Date of Degree
PhD (Doctor of Philosophy)
First Committee Member
Second Committee Member
Third Committee Member
Fourth Committee Member
The objective of the current research was to test the initial feasibility and potential efficacy of a group-based Acceptance and Commitment Therapy (ACT) intervention for partner aggression, compared to a support and discussion control group, in a clinical sample of adults. Specifically, the study was intended to provide preliminary evidence of the impact of an ACT group on psychological and physical aggression, and to examine the processes responsible for any treatment effects. One hundred and one participants (mean age = 31; 68% female) were randomly assigned to receive ACT or the support and discussion control group. Both interventions consisted of 12 weekly 2-hour sessions and participants were assessed with self-report measures at pre-treatment, twice during treatment, at post-treatment, and at 3- and 6-month follow-up. Results of growth curve modeling analyses demonstrated that participants in the ACT group had significantly greater decreases in psychological and physical aggression at post-treatment and follow-up, and also showed improvements in depressive symptoms, interpersonal problems, and social functioning. Finally, the effect of the ACT group on psychological and physical aggression was mediated by experiential avoidance, suggesting that the intervention had its effects, at least in part, through increasing emotional acceptance. These results demonstrate that an ACT approach to aggression may be a viable alternative to traditional treatments.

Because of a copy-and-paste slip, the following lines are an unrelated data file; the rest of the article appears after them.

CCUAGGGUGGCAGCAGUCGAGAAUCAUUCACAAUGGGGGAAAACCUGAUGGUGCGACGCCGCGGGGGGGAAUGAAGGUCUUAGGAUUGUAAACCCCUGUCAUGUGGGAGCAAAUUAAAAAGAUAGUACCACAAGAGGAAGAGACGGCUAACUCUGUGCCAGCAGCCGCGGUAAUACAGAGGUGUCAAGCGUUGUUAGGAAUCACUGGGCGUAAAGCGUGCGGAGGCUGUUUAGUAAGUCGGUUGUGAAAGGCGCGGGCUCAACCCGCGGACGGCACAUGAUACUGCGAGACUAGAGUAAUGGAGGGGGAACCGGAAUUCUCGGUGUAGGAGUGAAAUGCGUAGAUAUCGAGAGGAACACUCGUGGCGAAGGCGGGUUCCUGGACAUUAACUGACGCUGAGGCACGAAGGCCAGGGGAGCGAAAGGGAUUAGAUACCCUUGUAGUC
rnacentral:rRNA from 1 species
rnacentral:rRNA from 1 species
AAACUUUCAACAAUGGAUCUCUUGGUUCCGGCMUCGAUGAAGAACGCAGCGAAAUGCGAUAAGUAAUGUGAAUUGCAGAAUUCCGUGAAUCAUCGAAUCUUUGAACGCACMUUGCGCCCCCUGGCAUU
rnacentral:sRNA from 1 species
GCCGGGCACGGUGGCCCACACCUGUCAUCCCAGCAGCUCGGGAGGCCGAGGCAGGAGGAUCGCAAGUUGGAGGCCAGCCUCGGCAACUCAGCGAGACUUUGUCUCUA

Acceptance and Commitment Therapy, Aggression, Clinical intervention, Cognitive Behavior Therapy, Domestic violence, Treatment outcomes
vi, 178 pages
Includes bibliographical references (pages 151-178).
Copyright 2013 Amie Nichole Zarling